Kaj-Erik Gustafsson (born: 1942), a Finnish composer, organist and choir master who has devoted a great deal of attention to choral music after holding a professorship in organplaying at the Sibelius Academy and having led several wellreputed choirs. The poems “The Stones” and “Context” are excerpts from the poet’s collection 17 Poems (17 dikter,1954). There is a restraint in the juxtapositioning of words and sounds that makes the poem’s inner world come alive through declamatory lucidity and sonorous expression.
Michael Waldenby (born: 1953), an organist at St. Jacob’s Church in Stockholm, the leader of the St. Clara Motet Choir, and a composer with a rich production of solo songs and choral works as well as organ symphonies and pieces for choir and orchestra. About the poem “Elegy” Karl Vennberg wrote: “Poetry in which no image fails, no word is superfluous”. Waldenby has always chosen lyrics with great care; here he has been inspired by the comparatively long poem from 1954 (from the collection 17 Poems (17 dikter)). The imagery is rich, historicized reminiscences are mixed with emotional ones, nature images mingle with philosophical meditations, quick passages are contrasted with slow ones. Waldenby creates a number of musical events that are held together by long lines; the centres of key are constantly changing. His careful analysis of the poem is evident in the good declamation he has created. The colour of the tone language is highly personal, at times leaning towards late Romanticism.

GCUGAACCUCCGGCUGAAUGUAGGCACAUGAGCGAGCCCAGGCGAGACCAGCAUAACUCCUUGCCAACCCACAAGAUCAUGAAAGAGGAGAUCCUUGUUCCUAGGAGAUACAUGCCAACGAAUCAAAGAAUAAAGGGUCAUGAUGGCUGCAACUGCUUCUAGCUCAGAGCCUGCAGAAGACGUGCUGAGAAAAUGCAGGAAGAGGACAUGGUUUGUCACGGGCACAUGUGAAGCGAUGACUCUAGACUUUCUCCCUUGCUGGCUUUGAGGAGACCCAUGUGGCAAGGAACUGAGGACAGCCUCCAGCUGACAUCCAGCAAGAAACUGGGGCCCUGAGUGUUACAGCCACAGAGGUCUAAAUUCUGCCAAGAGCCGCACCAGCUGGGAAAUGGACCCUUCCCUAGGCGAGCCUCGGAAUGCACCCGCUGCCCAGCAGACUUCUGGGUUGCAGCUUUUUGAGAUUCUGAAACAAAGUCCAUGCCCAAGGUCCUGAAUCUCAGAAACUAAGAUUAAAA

Georg Riedel (born: 1934), a jazz musician and composer with an opus list that comprises nearly every genre: ballet music, musicals, film scores, solo concerts, hymns, masses, etc. To many people in Scandinavia, he is best known for the pieces where he has set to music verses and poems by writers such as Astrid Lindgren, Barbro Lindgren, Lennart Hellsing and Gunilla Bergström. Riedel himself says: “The lyrics and the language are my most important sources of inspiration. To me, the lyrics are at least as important as the music, and I would like performances of my songs to border upon acting.” From The Sad Gondola (Sorgegondolen, 1996), Georg Riedel has put together five poems into a suite that bears the name of the collection. In “Two Cities”, narrative horizontal lines are put in contrast to rhythmically intense sections: “A journey across an existential line of demarcation”. “November in the Former DDR” is a surrealistic depiction of the former state, and with his musical language Riedel emphasizes the various courses of the poem. In “Silence”, the lyrics are declaimed in a homophonous movement that is concluded with a solo. “Like Being a Child” takes on something of the nature of a ballad, melodically, as well in its intense rhythmics, and in the final movement “Midwinter”, harmonic sonority is blended with melodic expression, while the lyrics are intoned with iciness.